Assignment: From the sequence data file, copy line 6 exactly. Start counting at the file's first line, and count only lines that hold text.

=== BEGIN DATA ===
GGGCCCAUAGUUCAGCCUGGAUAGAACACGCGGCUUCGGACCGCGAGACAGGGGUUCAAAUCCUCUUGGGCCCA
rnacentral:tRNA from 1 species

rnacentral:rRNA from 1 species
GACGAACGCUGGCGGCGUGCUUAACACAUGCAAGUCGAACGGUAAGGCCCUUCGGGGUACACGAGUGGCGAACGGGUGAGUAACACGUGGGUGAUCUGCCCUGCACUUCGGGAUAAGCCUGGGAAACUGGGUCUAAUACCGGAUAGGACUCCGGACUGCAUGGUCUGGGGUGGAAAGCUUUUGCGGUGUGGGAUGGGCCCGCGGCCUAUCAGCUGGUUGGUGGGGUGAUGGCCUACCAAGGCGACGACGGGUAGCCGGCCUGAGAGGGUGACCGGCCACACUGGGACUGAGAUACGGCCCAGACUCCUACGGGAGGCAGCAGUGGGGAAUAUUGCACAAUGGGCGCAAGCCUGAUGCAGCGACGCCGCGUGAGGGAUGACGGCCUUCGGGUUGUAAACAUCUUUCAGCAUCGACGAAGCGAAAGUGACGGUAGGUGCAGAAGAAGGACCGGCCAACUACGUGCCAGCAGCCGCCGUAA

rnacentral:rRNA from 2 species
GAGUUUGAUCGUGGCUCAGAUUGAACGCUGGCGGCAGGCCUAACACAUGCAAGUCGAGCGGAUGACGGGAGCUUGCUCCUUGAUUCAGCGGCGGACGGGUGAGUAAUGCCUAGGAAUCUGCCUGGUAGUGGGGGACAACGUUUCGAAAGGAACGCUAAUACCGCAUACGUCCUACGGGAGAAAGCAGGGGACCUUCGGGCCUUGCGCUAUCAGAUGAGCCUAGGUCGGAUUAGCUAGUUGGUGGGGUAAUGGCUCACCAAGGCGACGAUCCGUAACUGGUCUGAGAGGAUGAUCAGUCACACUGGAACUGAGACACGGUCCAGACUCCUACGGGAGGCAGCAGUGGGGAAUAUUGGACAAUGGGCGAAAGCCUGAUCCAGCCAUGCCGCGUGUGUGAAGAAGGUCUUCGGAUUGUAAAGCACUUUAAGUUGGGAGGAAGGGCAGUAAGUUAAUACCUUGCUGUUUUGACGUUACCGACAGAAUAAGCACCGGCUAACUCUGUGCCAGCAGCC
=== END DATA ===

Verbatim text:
GAGUUUGAUCGUGGCUCAGAUUGAACGCUGGCGGCAGGCCUAACACAUGCAAGUCGAGCGGAUGACGGGAGCUUGCUCCUUGAUUCAGCGGCGGACGGGUGAGUAAUGCCUAGGAAUCUGCCUGGUAGUGGGGGACAACGUUUCGAAAGGAACGCUAAUACCGCAUACGUCCUACGGGAGAAAGCAGGGGACCUUCGGGCCUUGCGCUAUCAGAUGAGCCUAGGUCGGAUUAGCUAGUUGGUGGGGUAAUGGCUCACCAAGGCGACGAUCCGUAACUGGUCUGAGAGGAUGAUCAGUCACACUGGAACUGAGACACGGUCCAGACUCCUACGGGAGGCAGCAGUGGGGAAUAUUGGACAAUGGGCGAAAGCCUGAUCCAGCCAUGCCGCGUGUGUGAAGAAGGUCUUCGGAUUGUAAAGCACUUUAAGUUGGGAGGAAGGGCAGUAAGUUAAUACCUUGCUGUUUUGACGUUACCGACAGAAUAAGCACCGGCUAACUCUGUGCCAGCAGCC